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#07-88 March 26, 2007

Regulations established on seabird nesting islands

The South Carolina Budget and Control Board entered into agreements last year with the S.C. Department of Natural Resources, enabling the state natural resources agency DNR to designate and establish three barrier island bird sanctuaries. Regulations for Bird Key Stono, Crab Bank, and Deveaux Bank Islands will help protect nesting seabirds, which are undergoing population declines in South Carolina.

The Charleston County nesting areas are managed by the S.C. Department of Natural ResourcesDeveaux Bank (DNR) to help protect species such as brown pelicans, least terns, royal terns, sandwich terns, black skimmers, and great egrets. Crab Bank, a 16-acre island at the mouth of Shem Creek, and Bird Key Stono, a 35-acre island at the Stono River Inlet, are closed to boat landings and the public from March 15 to Oct. 15. The area on these islands below the high water line is open to the public from Oct. 16 to March 14. Deveaux Bank, a 215-acre island between Seabrook and Edisto Islands, is closed year-round above the high water line. A portion of Deveaux Bank above the high water line is designated for limited recreational use. Dogs are prohibited on all of the islands year-round.

Trespassing violations on Bird Key Stono, Crab Bank, and Deveaux Bank incur a fine of up to $465 and/or 30 days in jail.

DNR Director John Frampton said: “Human and dog presence can be damaging to seabird colonies. Because seabird nesting and roosting habitats are limited, the closure of three barrier islands under our management is an important step towards protecting South Carolina’s coastal birds.”

For additional information, contact Felicia Sanders, DNR wildlife biologist, at SandersF@dnr.sc.gov.

Although there are many barrier islands along the coast of South Carolina, only six have the correct profile for seabird usage. Species nesting on these estuarine islands typically find their location and mate in March, and build nests and lay eggs in April and May. Many younger birds do not leave nesting islands until October.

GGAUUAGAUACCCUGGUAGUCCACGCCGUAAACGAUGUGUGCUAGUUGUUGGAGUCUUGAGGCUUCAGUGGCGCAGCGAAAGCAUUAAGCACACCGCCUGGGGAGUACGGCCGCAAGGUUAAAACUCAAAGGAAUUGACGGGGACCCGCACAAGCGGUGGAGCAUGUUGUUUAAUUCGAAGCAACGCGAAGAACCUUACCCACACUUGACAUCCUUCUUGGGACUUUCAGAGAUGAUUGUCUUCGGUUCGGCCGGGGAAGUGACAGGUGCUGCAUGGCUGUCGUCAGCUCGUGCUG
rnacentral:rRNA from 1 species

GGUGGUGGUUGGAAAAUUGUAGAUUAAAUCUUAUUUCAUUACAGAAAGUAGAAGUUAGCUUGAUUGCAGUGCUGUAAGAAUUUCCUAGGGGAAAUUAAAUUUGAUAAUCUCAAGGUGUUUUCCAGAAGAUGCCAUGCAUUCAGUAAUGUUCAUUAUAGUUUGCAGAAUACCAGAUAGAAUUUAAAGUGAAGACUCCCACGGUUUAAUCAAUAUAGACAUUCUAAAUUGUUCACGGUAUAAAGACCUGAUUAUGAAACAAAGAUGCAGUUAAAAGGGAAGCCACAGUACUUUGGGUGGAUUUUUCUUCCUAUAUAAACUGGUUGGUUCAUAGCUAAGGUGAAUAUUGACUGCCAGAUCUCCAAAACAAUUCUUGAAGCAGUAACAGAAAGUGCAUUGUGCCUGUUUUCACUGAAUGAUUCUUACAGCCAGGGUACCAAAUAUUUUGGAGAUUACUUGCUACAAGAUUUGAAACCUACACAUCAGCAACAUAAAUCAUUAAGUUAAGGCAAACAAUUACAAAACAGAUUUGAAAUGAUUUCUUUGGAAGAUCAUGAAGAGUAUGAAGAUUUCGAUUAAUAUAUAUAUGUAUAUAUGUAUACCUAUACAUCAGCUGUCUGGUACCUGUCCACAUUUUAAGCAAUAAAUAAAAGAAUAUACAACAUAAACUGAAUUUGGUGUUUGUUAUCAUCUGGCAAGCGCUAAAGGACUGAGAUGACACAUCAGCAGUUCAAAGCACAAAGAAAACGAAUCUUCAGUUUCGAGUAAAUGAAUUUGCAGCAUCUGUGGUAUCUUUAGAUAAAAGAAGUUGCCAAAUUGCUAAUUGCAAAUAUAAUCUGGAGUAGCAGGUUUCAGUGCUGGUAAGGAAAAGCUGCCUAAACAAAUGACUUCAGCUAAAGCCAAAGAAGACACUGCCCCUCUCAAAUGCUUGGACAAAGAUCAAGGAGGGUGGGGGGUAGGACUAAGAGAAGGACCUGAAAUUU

Seabirds often lay eggs in shallow scrapes or rough nests directly on the ground, and can easily be crushed underfoot. If approached, adult birds will leave the nest, and without shade, the sun quickly damages unprotected eggs, which are also easily snatched from their nests by gulls. Dogs are particularly damaging to colonies because of their instinct to chase the seabirds.

In South Carolina, brown pelican nesting has been declining for the last 15 years with the exception of slight increase last year. Pelicans completely abandoned Bird Key Stono in 2005, causing biologists to recommend, last year, additional protection of the seabird nesting islands. Other states are not experiencing significant population declines, and are, alternatively, recording population increases.

Dog and human footprints have been frequently recorded on South Carolina’s nesting areas, and these disturbances may also be causing a degradation of roosting habitat. After the new regulations took effect, few human and dog prints have been seen on the seabird nesting islands. Black skimmer nesting increased last year on the Seabird Sanctuaries. DNR is hopeful continued protection of the islands will cause other species to return and flourish.
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